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Officials Aim To Bridge School’s Digital Divide
digital divide
The Oakdale Joint Unified School District has seen a 54 percent increase in failing grades in English since implementing distance learning as required by the state of California. The district is hoping in-class instruction will help students improve their grades with the proposed hybrid class schedule.

The facts are hard to argue — distance learning is a struggle for an ever-growing swath of students, creating a digital divide large enough to swallow an entire generation of kids, leaving administrators, teachers and parents scrambling to try and find the solution amongst a sea of obstacles.

The Oakdale Joint Unified School District’s recent decision to bring the secondary students back to campus on a hybrid schedule following the winter break left some questioning whether or not it was too soon.

But, judging by the meteoric drop in grades, most notably core classes, the decision may be critical to salvaging a struggling student’s academic career.

However, as Stanislaus County moved to the more restrictive purple tier once more, the county must be in red tier for two weeks before the district can follow through with the proposed Jan. 4 return to campus for the secondary school sites.

With that said, OJUSD Assistant Superintendent of Curriculum/Instruction, Kristi Rapinchuk explained the difficult realization the district faced with the reality of distance learning.

“What we are seeing is what districts all over the place are describing as a digital divide. Sometimes it’s called a virtual divide. If you do a simple online search with either of those terms, you’re going to see articles coming in from all levels of education, saying kids that typically got good grades when they were in the classroom, for the most part, are still getting great grades in virtual learning. But kids that struggled a little bit are really struggling now and kids that struggled substantially are now getting F’s.”

What exactly does that look like for Oakdale’s high school population? For the first quarter of 2019 to first quarter 2020, the percentage increase in failing grades in the respective core classes (excluding Advance Placement classes) is worrisome and they look like this:

English — 54 percent

Math — 17 percent

History — 37.84 percent

Science — 52.46 percent

While the district can understand why a parent with a student succeeding in distance learning would be reluctant to change what’s working for them, the district has to respond to all student needs, not the needs of a given few.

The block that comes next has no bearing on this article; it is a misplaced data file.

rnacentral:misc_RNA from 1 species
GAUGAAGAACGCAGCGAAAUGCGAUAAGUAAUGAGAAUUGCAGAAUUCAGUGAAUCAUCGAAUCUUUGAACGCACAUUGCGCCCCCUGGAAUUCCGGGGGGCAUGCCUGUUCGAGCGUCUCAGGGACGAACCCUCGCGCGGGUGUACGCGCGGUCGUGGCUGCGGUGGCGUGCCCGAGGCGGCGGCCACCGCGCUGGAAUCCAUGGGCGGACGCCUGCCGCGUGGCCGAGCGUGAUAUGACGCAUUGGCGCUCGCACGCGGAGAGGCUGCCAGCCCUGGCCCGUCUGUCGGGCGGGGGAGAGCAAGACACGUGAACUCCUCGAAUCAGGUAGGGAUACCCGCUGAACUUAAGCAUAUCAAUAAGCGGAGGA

“We’re a public school district, and we need to serve all the students,” Rapinchuk said. “And right now we have to try something different.”

Rapinchuk pointed out, “The kids that do well in class, are doing well virtually and chances are they’re going to do well when we move into this hybrid schedule also,” adding, “but we have to try something different to try to help those kids that are just falling off the charts with their grades.”

With English being one of the heaviest hit with the plummeting grades, particularly in the English learners subgroup Hispanic/Latino, the district has encouraged teachers to grade with grace to aid the students as much as possible.

“Our teachers have been encouraged to be considerate. Don’t lower the rigor of your instruction and content but have a little grace when you grade kids because this is something they’re not used to,” Rapinchuk said.

But it would seem not all teachers received that memo as some have stated resolutely they will not accept any late work nor will they offer extra credit opportunities, regardless of circumstance, which further hampers struggling students.

In regards to the new hybrid plan, parents have since made suggestions, such as recording the teacher’s lesson to live-stream to the students at home but there are two major challenges with that suggestion: the ability to effectively teach the lesson to two separate groups of students simultaneously and the equipment capability to capture the footage.

To further delve into the challenges the district is facing in this new educational environment, the district posted a letter to parents, in the hopes of sharing information in the spirit of transparency.

The letter touches on the decision to implement the hybrid schedule, the split schedule, and instructional goals.

Parents can find the letter in its entirety on the district website: under the heading, OJUSD’s 7-12 Split Schedule - Supporting Success for All.